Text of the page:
EGU General Assembly 2020
© Author(s) 2020. This work is distributed under
the Creative Commons Attribution 4.0 License.

A reconstruction of the East Asian summer monsoon index over the half past millennium

Feng Shi1,2, Hugues Goosse3, Jianping Li4, Fredrik Charpentier Ljungqvist5, Sen Zhao6,7, Ting Liu8, Qiuzhen Yin3, and Zhengtang Guo1,2,9
Feng Shi et al.
  • 1Key Laboratory of Cenozoic Geology and Environment, Institute of Geology and Geophysics, Chinese Academy of Sciences, Beijing 100029, China
  • 2CAS Center for Excellence in Life and Paleoenvironment, Beijing 100044, China
  • 3Georges Lemaître Centre for Earth and Climate Research, Earth and Life Institute, Université Catholique de Louvain, Louvain-la-Neuve 1348, Belgium
  • 4Key Laboratory of Physical Oceanography–Institute for Advanced Ocean Studies, Ocean University of China and Qingdao National Laboratory for Marine Science and Technology, Qingdao, 266100, China
  • 5Department of History/Bolin Centre for Climate Research, Stockholm University, SE-10691 Stockholm, Sweden
  • 6CIC-FEMD/ILCEC, Key Laboratory of Meteorological Disaster of Ministry of Education, College of Atmospheric Sciences, Nanjing University of Information Science and Technology, Nanjing 210044, China
  • 7Department of Atmospheric Sciences, University of Hawaii at Mānoa, Honolulu, Hawaii 96822, USA
  • 8State Key Laboratory of Satellite Ocean Environment Dynamics, Second Institute of Oceanography, Ministry of Natural Resources, Hangzhou 310012, China
  • 9University of Chinese Academy of Sciences, Beijing 100049, China

The EASM largely determines variations in summer precipitation in the East Asian monsoon region where approximately one-quarter of the world’s population live. A reliable East Asian summer monsoon (EASM) index covering several centuries is important in order to understand EASM dynamics. The wind-field is frequently used to calculate the EASM index during the instrumental period. However, available climate proxy data rather respond to direct precipitation changes. A gridded extended summer (May–September, MJJAS) precipitation reconstruction for China covering AD 1470–2000 is used to indirectly reconstruct two types of EASM indices (defined by the strength of the 850hPa southwesterly winds and a north-south gradient of the zonal winds), using the negative correlation between the EASM index and summer (June–August, JJA) rainfall in the middle and lower reaches of the Yangtze River of China. The two EASM indices are validated by independent historical documentary data for eastern China. The physical processes ruling the EASM variability are explored, highlighting a baroclinic structure over the middle and lower reaches of the Yangtze River. It includes an anticyclonic circulation accompanied by high pressure anomalies in the lower troposphere and a cyclonic circulation with low pressure anomaly in the upper troposphere. This is associated with a decrease in atmospheric water vapor content (due to divergence), which will decrease summer rainfall in the region, and contribute to the strengthen of the EASM variability. The dominated and inter-annual component of the EASM variation is possibly linked to the ‘ENSO-like’ sea surface temperature according to a data assimilation experiment performed with the Community Earth System Model-Last Millennium Ensemble (CESM-LME) simulation.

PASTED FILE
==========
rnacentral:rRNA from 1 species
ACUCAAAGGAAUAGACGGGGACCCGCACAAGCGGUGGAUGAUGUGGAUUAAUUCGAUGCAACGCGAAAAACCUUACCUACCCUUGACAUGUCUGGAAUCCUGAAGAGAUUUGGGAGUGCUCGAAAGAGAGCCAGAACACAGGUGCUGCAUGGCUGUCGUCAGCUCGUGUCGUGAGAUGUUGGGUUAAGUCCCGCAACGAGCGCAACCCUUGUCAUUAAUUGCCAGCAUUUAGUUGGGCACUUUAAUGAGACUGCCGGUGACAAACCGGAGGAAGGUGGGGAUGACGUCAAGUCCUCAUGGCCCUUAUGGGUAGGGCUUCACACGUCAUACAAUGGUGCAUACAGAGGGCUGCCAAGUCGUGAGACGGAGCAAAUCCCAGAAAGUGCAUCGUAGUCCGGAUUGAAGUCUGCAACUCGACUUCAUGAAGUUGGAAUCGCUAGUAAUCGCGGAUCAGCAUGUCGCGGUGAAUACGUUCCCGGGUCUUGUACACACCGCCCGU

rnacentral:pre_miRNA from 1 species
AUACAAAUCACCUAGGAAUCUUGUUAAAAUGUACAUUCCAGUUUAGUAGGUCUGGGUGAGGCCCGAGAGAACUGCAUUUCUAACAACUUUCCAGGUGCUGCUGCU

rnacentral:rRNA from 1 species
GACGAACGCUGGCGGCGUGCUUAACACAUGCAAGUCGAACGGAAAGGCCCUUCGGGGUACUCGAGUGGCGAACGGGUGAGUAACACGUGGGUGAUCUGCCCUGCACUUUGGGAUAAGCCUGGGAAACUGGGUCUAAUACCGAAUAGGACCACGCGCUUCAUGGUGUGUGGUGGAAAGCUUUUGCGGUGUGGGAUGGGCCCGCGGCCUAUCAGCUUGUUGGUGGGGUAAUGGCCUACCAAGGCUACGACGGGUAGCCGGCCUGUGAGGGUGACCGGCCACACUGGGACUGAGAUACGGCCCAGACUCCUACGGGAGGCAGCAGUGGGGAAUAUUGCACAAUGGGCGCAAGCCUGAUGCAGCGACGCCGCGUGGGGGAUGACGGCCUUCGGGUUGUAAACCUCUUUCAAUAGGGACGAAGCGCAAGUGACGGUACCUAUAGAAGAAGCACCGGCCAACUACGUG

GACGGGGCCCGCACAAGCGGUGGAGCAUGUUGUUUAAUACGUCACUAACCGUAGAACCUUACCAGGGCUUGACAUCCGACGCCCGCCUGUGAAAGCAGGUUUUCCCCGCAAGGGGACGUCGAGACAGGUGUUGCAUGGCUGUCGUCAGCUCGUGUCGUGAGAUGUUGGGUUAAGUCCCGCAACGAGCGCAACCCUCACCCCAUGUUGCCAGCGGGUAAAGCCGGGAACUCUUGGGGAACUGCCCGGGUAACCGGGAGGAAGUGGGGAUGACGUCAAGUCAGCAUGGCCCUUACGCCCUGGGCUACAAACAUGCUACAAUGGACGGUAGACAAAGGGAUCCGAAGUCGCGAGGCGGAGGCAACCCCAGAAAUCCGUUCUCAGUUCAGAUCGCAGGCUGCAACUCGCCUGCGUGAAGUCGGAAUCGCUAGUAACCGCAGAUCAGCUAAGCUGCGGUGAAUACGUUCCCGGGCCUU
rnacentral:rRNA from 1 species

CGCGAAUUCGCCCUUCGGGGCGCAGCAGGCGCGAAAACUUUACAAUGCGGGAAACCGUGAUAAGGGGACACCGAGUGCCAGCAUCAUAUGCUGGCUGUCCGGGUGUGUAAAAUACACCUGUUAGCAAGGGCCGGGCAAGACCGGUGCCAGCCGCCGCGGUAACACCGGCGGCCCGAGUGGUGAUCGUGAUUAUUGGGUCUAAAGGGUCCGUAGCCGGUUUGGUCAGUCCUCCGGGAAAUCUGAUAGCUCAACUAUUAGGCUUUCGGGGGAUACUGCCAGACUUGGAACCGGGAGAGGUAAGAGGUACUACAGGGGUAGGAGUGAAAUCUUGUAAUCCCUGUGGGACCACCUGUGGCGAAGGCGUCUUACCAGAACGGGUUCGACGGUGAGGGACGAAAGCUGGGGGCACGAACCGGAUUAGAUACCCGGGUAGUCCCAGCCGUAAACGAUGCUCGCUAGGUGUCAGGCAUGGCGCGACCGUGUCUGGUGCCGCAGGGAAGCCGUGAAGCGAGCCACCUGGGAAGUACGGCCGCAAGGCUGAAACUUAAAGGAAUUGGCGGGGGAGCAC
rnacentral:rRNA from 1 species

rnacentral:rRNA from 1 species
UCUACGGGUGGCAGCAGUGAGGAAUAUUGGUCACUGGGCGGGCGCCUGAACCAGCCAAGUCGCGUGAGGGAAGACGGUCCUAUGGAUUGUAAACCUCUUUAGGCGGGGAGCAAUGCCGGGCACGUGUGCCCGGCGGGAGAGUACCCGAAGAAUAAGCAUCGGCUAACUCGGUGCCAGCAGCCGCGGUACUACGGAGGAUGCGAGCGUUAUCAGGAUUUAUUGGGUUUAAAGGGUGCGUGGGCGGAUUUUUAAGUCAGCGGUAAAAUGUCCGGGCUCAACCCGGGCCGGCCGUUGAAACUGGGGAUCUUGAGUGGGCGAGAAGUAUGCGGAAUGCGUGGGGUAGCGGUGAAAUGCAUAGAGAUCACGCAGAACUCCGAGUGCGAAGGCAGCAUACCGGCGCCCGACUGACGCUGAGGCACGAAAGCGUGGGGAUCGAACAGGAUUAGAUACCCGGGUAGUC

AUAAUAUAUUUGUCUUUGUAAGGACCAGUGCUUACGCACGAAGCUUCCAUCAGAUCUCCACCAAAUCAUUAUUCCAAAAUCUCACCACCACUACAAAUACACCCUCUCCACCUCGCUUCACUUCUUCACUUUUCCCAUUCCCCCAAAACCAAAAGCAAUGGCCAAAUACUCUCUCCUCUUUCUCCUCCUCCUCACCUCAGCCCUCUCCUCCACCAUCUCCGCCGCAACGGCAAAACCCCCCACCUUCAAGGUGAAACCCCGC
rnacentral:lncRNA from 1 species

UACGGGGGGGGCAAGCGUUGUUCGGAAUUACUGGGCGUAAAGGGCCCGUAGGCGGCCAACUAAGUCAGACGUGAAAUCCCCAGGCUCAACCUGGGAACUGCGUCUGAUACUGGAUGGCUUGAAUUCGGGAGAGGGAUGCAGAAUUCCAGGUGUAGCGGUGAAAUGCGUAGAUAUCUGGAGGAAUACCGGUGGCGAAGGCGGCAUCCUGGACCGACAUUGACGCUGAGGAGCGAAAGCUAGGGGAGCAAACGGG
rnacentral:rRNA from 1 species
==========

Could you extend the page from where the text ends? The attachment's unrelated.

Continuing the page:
How to cite: Shi, F., Goosse, H., Li, J., Ljungqvist, F. C., Zhao, S., Liu, T., Yin, Q., and Guo, Z.: A reconstruction of the East Asian summer monsoon index over the half past millennium, EGU General Assembly 2020, Online, 4–8 May 2020, EGU2020-6488,, 2020

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Presentation version 2 – uploaded on 05 May 2020
A wrong word was revised.
  • CC1: Comment on EGU2020-6488, John Bruun, 05 May 2020

    Dear Feng Shi

    This is really interesting work and the EASM index appears to provide a good spectral resolution of some of the dominant interannual Pacific modes. 

    Looking at teleconnection between tropical ENSO (2 to 8 years), Aelution lows (~ penetedecadal) and the East Asian monsoon is one feature also of our current work (Heartbeat of the Southern Oscilation, A mechanism for Pacific interdecadal resonances, and EGU2020-11690). 

    The spectrum appears to reveal these modes - to a certain extent. Have you analysed to see if this can provide a form of choerence assessment, e.g. between your index, Nino 3.4 and the NPI ( North Pacific Index)? 

    It would be great to follow this up, and work with you. I'm at 

    Best John   

    • AC1: Reply to CC1, Feng Shi, 05 May 2020

      Hi John,

      Thank you for your interesting.

      The pattern of the spectra for the reconstructed EASM index reveals pronounced levels of variability over an interannual frequency band of ~3–6 years.

      I have not anlyzed the coherence asssessment between EASMI and other indices, but I know that there is a significant relationship between our EASMI and Nino 3.4.

      I am happy to work with you.

      All the best,


Presentation version 1 – uploaded on 04 May 2020 , no comments